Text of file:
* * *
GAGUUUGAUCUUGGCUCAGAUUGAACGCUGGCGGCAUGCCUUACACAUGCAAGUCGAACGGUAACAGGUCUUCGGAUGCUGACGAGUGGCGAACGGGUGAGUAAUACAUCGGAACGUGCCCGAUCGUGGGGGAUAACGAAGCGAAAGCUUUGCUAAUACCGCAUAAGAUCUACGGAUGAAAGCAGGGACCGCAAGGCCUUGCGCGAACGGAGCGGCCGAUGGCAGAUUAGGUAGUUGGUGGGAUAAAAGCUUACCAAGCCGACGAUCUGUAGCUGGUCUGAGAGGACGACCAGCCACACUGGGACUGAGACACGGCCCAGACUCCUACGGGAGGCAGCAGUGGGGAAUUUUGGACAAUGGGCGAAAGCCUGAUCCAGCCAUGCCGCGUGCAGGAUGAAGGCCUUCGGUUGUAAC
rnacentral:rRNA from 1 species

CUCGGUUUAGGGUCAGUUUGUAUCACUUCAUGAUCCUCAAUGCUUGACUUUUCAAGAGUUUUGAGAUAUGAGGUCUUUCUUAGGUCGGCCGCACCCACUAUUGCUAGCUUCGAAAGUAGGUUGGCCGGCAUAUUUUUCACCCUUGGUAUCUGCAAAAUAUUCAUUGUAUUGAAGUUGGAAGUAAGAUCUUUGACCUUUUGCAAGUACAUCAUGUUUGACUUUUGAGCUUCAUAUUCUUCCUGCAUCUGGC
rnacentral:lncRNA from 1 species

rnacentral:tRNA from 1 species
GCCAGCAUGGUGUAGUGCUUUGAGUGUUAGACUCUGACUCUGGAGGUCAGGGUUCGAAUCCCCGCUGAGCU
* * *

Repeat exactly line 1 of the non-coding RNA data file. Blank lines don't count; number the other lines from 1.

GAGUUUGAUCUUGGCUCAGAUUGAACGCUGGCGGCAUGCCUUACACAUGCAAGUCGAACGGUAACAGGUCUUCGGAUGCUGACGAGUGGCGAACGGGUGAGUAAUACAUCGGAACGUGCCCGAUCGUGGGGGAUAACGAAGCGAAAGCUUUGCUAAUACCGCAUAAGAUCUACGGAUGAAAGCAGGGACCGCAAGGCCUUGCGCGAACGGAGCGGCCGAUGGCAGAUUAGGUAGUUGGUGGGAUAAAAGCUUACCAAGCCGACGAUCUGUAGCUGGUCUGAGAGGACGACCAGCCACACUGGGACUGAGACACGGCCCAGACUCCUACGGGAGGCAGCAGUGGGGAAUUUUGGACAAUGGGCGAAAGCCUGAUCCAGCCAUGCCGCGUGCAGGAUGAAGGCCUUCGGUUGUAAC